Dietary Fiber consists of nondigestible carbohydrates and lignin that are intrinsic and intact in plants. Functional Fiber consists of isolated, nondigestible carbohydrates that have beneficial physiological effects in humans. Total Fiber is the sum of Dietary Fiber and Functional Fiber. Fibers have different properties that result in different physiological effects. For example, viscous fibers may delay the gastric emptying of ingested foods into the small intestine, resulting in a sensation of fullness, which may contribute to weight control. Delayed gastric emptying may also reduce postprandial blood glucose concentrations and potentially have a beneficial effect on insulin sensitivity. Viscous fibers can interfere with the absorption of dietary fat and cholesterol, as well as with the enterohepatic recirculation of cholesterol and bile acids, which may result in reduced blood cholesterol concentrations.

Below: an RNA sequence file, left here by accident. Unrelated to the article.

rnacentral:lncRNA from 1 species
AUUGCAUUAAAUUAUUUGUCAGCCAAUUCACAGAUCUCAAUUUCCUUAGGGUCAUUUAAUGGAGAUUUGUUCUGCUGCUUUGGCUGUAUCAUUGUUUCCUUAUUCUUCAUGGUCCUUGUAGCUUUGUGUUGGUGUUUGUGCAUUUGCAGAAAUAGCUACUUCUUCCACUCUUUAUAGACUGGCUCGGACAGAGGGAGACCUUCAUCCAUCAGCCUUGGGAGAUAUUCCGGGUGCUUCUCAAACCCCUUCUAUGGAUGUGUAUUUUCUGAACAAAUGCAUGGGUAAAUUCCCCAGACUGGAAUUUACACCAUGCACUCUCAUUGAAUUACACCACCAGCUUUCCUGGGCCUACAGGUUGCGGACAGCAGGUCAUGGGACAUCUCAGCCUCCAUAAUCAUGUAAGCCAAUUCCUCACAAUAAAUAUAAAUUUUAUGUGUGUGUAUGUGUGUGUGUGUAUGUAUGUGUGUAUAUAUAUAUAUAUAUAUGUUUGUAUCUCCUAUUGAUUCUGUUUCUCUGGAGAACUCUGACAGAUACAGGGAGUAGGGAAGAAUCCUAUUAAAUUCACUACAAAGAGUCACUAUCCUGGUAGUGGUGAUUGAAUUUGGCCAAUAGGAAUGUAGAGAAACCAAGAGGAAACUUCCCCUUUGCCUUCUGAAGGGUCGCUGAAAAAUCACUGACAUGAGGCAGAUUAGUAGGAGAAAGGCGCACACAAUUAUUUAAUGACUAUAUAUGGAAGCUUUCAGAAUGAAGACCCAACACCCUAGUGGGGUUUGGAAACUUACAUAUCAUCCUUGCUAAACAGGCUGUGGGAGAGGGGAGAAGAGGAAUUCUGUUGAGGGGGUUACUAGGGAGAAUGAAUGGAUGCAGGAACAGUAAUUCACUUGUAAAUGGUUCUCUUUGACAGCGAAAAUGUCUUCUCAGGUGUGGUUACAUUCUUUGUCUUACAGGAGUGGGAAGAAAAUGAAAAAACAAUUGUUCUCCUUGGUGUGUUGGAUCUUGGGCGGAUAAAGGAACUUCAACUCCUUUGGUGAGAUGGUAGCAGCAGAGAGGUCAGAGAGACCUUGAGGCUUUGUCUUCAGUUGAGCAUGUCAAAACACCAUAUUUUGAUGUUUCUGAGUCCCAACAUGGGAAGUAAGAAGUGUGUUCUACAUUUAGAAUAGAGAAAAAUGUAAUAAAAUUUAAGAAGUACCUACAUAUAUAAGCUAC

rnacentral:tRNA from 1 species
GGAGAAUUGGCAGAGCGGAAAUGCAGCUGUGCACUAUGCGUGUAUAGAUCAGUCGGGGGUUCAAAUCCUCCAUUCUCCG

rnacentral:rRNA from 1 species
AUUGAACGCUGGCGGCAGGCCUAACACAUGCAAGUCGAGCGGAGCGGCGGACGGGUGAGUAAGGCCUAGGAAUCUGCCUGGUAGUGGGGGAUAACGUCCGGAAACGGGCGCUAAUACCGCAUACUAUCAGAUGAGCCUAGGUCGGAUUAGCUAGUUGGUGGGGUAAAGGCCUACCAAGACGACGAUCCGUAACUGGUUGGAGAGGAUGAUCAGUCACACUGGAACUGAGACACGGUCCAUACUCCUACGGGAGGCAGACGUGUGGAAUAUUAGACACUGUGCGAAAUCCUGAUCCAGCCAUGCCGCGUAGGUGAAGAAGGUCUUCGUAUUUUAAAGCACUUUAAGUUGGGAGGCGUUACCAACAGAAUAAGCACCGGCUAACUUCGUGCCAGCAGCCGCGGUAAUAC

Consumption of Dietary and certain Functional Fibers, particularly those that are poorly fermented, is known to improve fecal bulk and laxation and ameliorate constipation. The relationship of fiber intake to colon cancer is the subject of ongoing investigation and is currently unresolved. An Adequate Intake (AI) for Total Fiber in foods is set at 38 and 25 g/d for young men and women, respectively, based on the intake level observed to protect against coronary heart disease.
Median intakes of Dietary Fiber ranged from 16.5 to 17.9 g/d for men and 12.1 to 13.8 g/d for women (Appendix Table E-4). There was insufficient evidence to set a Tolerable Upper Intake Level (UL) for Dietary Fiber or Functional Fiber.
Dietary, Functional, and Total Fiber